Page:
# Financial engineering : Question 7

What are the precise reasons why a share buyback results in an increase in EPS when inverse P/E is higher than the cost of debt after tax?

P/E is equal to the value of shares divided by net profits. Inverse P/E corresponds to an instantaneous book return on an investment. If a company is worth 100 with net profits of 5, its P/E is 20. The inverse of 20 is 5%, which is the dividen return you get when you pay 100 per share, while the net profit for the shareholder is 5.

If the company buys its own shares for 100, it gets an instantaneous book return on this investment of 5%, and if it can borrow at 3% after tax to do so, it makes a profit, which explains why in this situation EPS increases.

But this is purely arithmetic, and depends only on P/E and the after tax interest rate at which the company can borrow, which is not proof of the creation of value.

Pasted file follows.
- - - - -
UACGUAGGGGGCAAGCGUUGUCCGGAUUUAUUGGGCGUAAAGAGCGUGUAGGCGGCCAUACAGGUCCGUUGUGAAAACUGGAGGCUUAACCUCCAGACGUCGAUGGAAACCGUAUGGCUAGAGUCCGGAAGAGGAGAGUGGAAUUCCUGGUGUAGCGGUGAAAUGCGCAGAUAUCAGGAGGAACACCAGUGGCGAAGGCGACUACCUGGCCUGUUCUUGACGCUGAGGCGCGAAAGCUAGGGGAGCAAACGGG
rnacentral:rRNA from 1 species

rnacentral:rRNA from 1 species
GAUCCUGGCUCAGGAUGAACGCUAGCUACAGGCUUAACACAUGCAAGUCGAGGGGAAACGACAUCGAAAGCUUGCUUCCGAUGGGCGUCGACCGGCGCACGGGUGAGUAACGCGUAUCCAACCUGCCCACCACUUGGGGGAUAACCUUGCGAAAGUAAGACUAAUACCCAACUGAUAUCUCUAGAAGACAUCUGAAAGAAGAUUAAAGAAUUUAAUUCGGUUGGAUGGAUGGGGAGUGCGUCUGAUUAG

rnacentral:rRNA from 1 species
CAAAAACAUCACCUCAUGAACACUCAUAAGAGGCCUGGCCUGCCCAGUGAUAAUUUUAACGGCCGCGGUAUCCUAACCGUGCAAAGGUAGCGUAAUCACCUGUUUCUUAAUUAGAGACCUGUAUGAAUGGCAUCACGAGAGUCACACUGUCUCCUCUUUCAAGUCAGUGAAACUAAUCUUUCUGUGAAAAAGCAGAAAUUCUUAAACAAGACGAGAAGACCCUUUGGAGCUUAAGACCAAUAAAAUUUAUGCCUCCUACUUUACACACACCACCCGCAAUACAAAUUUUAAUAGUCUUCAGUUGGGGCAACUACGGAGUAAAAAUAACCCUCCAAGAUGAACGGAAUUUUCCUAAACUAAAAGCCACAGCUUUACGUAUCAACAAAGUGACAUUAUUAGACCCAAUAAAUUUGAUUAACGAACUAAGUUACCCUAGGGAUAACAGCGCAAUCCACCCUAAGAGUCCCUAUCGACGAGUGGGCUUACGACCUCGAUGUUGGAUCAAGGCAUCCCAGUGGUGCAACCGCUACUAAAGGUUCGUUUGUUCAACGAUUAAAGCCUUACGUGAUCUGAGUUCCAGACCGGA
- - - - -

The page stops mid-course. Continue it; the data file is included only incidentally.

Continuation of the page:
For more information, see chapter 37 of the Vernimmen.

If the company buys its own shares for 100, it gets an instantaneous book return on this investment of 5%, and if it can borrow at 3% after tax to do so, it makes a profit, which explains why in this situation EPS increases.

But this is purely arithmetic, and depends only on P/E and the after tax interest rate at which the company can borrow, which is not proof of the creation of value.

For more information, see chapter 37 of the Vernimmen.